A team of air quality modelers, climatologists and air policy specialists at Arizona State University may soon change that. Under a grant from the Environmental Protection Agency, they have developed a new way to close the gaps in the global pollution dragnet by using NASA satellite data to detect precursors to ozone pollution, also known as smog.
The technique, devised with the aid of health specialists from University of California at Berkeley, uses satellite data to improve ASU’s existing computer models of ozone events — filling in the blanks while expanding coverage to much larger areas.
“The satellite data provides information about remote locations,” said Rick Van Schoik, director of ASU’s North American Center for Transborder Studies. “It gives us data from oceans and about events from other countries with less advanced monitoring capabilities, such as Mexico.”
Such information can have vital implications for health, especially in southern Arizona. According to Joe Fernando, a professor in ASU’s department of mechanical and aerospace engineering and the environmental fluid dynamics program, who worked on the project, ozone is a key ingredient in urban smog, which affects even healthy adults and presents a special health risk to small children, the elderly and those with lung ailments. It can cause shortness of breath, chest pains, increased risk of infection, aggravation of asthma and significant decreases in lung function. Some studies have linked ozone exposure with death by stroke, premature death among people with severe asthma, cardiac birth defects and reduced lung-function growth in children.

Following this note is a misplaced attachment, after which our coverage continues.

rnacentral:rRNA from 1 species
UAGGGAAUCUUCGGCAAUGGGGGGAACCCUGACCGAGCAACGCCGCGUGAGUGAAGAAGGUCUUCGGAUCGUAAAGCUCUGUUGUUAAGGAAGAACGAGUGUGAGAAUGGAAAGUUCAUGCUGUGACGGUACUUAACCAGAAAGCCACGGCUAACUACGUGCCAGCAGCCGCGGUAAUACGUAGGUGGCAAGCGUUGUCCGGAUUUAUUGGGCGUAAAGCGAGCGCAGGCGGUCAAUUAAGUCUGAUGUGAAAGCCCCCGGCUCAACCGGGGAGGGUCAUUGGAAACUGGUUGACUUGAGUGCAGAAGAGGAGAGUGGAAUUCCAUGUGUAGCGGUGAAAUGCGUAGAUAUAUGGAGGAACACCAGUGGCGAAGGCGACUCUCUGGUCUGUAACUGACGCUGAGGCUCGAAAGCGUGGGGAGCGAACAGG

This new satellite-assisted model could allow researchers to see an ozone plume forming and work with communities to head off health effects in advance.
“Before, if there were precursors of an ozone event, we couldn’t see them — we just got hit by the pollution,” Van Schoik said. “Now, we can watch the event build.”
Improved oceanic coverage could also help with monitoring one of the largest sources of pollution along the coasts: oceanic ships, which are covered only by international treaties and are not regulated by the EPA.
Ozone forms when nitrogen oxides and volatile organic hydrocarbons — byproducts of fossil fuel pollution — react with one another in the presence of sunlight and warm temperatures, resulting in a chain reaction. This chain reaction can mean that large amounts of ozone can bloom from even moderate amounts of nitrogen oxides.
Scientists can detect ozone by detecting the absorption of specific wavelengths of light, but they have had to rely on ground data and radiosondes — atmospheric instrumentation bundles sent up on weather balloons — to surmount the large uncertainties associated with the technique.
“This is the reason comparisons were made between low-level ozone direct measurements with those obtained from satellites,” said Fernando. “The importance is that the satellite data were used to improve model performance — that this work will lead to better model predictions and hence superior forecasting of ozone and improved health warnings.”